Wednesday, September 28, 2022

Engineers develop a prototype fridge that works in zero gravity

One of the biggest challenges in long-term space exploration is a food source for astronauts. While astronauts have been going to space since 1961, the way food is stored hasn’t changed much. They still don’t have a refrigerator to use for keeping food cold on long missions to the moon or Mars.

A team of engineers from Purdue University, Air Squared Inc., and Whirlpool Corporation has developed a prototype space fridge designed to work in zero gravity. The research could overcome the challenge engineers have faced in getting a traditional refrigerator to work in space just as well as it does on Earth.

Astronauts currently survive largely on freeze-dried, canned, and dehydrated foods with a shelf life of about three years. The new project, funded by NASA‘s Small Business Innovation Research program, aims to give astronauts a food supply that can last 5 to 6 years.

The team’s prototype is about the size of a microwave and features the oil-free compressor inside, which acts as the heart of the fridge. The fridge design would cool food through a vapor-compression cycle, similar to the process that a typical fridge uses on Earth but without the need for oil. Having an oil-free vapor-compression cycle removes concerns about oil not flowing where it should be in zero gravity.

The team conducted three experiments earlier this month to test aspects of the refrigerator design aboard a specially designed aircraft that flew in microgravity 30 times at 20-second intervals during four separate flights. The aircraft, Zero Gravity Corporation’s (ZERO-G), is the weightless research laboratory of Zero Gravity Corporation and is the only test platform of its kind in the US.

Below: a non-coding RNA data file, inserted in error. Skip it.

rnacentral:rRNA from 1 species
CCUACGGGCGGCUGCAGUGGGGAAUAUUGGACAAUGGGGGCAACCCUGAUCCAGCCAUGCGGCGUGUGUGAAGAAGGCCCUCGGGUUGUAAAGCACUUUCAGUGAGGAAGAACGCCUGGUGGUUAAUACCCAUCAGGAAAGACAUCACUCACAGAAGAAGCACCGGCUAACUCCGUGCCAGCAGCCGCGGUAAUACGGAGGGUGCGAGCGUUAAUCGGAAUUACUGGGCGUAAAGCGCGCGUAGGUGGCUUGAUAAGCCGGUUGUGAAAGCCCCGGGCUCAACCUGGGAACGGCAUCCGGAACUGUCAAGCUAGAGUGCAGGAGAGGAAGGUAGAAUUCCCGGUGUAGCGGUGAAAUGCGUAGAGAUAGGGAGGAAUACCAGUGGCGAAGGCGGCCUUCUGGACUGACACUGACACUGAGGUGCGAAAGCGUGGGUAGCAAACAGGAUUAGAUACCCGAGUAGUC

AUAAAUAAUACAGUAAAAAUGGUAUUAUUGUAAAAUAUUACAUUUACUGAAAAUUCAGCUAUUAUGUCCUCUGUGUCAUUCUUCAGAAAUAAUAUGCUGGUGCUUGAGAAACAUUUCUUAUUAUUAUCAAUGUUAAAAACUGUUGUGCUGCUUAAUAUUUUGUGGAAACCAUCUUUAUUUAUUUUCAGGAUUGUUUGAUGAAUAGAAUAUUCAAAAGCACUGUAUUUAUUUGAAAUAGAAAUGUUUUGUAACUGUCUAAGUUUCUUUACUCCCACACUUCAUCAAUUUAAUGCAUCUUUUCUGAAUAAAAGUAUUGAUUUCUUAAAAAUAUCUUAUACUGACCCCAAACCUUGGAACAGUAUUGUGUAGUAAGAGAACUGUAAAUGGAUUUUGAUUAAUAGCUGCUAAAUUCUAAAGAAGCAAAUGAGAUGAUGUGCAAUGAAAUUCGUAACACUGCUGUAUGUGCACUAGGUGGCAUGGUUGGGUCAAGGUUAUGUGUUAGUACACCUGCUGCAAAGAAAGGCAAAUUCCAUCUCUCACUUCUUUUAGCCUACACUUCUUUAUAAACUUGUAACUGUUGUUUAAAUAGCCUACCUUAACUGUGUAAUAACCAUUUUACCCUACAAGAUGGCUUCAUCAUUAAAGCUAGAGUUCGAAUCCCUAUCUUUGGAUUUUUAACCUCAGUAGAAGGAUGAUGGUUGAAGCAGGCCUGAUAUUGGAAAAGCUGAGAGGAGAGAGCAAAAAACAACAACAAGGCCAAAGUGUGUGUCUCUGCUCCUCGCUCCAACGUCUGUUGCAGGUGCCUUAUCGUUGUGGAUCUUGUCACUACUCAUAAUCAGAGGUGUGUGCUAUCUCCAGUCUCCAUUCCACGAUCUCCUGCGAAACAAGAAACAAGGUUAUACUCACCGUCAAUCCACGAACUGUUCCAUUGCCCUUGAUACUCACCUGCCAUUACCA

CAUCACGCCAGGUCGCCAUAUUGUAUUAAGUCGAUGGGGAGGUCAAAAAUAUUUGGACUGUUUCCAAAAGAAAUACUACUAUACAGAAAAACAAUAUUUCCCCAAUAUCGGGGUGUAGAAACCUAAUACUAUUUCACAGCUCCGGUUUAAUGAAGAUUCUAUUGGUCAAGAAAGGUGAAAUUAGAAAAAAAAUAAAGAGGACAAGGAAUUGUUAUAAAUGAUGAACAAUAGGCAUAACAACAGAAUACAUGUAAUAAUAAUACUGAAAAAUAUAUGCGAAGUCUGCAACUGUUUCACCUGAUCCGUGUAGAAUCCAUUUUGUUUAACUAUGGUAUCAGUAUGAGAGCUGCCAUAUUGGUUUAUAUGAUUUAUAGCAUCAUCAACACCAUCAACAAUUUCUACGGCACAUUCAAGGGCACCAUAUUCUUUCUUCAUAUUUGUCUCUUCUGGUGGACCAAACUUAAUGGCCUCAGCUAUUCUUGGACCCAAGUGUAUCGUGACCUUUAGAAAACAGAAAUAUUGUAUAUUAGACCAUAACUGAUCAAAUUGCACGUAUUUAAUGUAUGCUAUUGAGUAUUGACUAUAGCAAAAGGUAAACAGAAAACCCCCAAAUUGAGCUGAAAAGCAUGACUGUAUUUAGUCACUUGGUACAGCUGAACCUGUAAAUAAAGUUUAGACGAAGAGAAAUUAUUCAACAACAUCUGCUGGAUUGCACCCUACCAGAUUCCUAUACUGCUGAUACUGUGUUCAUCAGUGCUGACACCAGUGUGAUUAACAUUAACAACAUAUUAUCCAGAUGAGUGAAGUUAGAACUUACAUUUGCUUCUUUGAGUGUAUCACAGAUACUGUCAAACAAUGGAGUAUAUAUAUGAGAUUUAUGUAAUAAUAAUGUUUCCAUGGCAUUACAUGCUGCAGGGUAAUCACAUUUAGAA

The experiments aimed to test a common hypothesis that pushing refrigerant liquid through a vapor-compression cycle at a higher velocity would reduce the effects of gravity on the fridge’s performance.

The fact that the refrigeration cycles operated continuously in microgravity during the tests without any apparent problems indicates that our design is a very good start,” said Leon Brendel, a Purdue Ph.D. student in mechanical engineering. “Our first impression is that microgravity does not alter the cycle in ways that we were not aware of when we tested the effects of gravity on the fridge design on the ground by rotating and inclining it.

The next step may be to send the refrigerator to the International Space Station (ISS). According to scientists, such a device will not only provide the ability to store drinks and frozen meals but also significantly simplify experiments that require a cold environment. The team will be completing data analysis in the coming weeks.

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